The Ingenuity of the Viet Cong: Home-Made Weapons.
Above Photo: a Viet Cong home-made hand grenade, brought back from the Vietnam War (Unattributed, flikr)
My novel, Back, isn’t really ‘about’ the War in Vietnam, although it provides a backdrop to the action with a Special Forces mission to the Ho Chi Minh Trail in Laos in 1968, and to the Backpackers’ jungle terror on their modern-day trek.
During my research I was fascinated about how resourceful the Viet Cong and North Vietnamese army were in using whatever was to hand in their fight against the US, whether it was bamboo, animals, captured or unexploded mines and bombs, or even home-made guns and grenades.
I recently saw the below short (16 minute) video on Youtube. It’s a North Vietnamese propaganda film, but it shows some amazing footage (I don’t understand why they have the dead bodies in the street still image in it, below, as the video has nothing to do with that).
Footage in the video includes “the VC’s Pentagon” a whole military and administrative centre including radio operators, printing presses and typists, hidden on boats, as well as sobering footage of four US POWs who had been captured in a VC attack on a base not far from Saigon. I have not been able to find out what happened to them.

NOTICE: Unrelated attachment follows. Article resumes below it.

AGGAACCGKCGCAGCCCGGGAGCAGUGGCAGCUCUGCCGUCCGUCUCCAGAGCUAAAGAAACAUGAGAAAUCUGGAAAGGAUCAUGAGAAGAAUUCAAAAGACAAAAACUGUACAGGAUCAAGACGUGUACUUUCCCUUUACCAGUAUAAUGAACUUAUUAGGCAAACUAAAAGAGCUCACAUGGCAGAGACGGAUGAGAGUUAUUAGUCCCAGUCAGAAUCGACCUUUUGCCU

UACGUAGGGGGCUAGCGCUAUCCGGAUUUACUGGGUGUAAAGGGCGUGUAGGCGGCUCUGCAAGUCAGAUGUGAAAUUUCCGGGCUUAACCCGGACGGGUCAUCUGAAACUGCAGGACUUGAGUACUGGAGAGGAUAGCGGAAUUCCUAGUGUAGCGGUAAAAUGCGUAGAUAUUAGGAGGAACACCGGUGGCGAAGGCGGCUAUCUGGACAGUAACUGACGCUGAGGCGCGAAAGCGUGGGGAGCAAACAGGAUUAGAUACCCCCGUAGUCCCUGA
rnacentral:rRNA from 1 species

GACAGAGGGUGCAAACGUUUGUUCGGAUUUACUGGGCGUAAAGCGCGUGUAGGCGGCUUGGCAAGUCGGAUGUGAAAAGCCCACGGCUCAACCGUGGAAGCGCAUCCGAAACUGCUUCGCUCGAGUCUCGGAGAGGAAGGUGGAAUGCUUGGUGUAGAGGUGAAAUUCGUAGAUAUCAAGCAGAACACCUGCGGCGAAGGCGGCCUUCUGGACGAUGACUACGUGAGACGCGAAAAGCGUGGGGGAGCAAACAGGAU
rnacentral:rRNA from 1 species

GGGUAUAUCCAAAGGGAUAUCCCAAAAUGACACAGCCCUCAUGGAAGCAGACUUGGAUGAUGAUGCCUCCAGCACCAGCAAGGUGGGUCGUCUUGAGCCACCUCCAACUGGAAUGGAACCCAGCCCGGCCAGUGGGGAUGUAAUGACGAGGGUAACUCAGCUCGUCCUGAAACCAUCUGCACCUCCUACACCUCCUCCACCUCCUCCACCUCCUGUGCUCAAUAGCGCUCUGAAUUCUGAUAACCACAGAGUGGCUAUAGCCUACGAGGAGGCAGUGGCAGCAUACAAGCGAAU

By the time the video was shot, they had been held in captivity for FIFTEEN MONTHS, being moved around the jungle to avoid rescue.
Other interesting footage in the video is of crossbows, spikes, spear launchers, punji traps and some awful looking thing called a porcupine, which could sweep a whole squad of soldiers off a trail (@ 1 – 3.30 mns in). The narrator says that hundreds of thousands of punji traps had been dug along the trails in the jungle, and they also feature in my novel.
Although all bamboo-related traps would have rotted away long ago, other ingenious VC booby traps involving bullets and grenades might still be out there in the jungle, still waiting for victims, and my modern-day backpackers have to deal with those risks too, as they move along the Ho Chi Minh Trail, going deeper into the tri-border jungle.
© Peter Alan Lloyd
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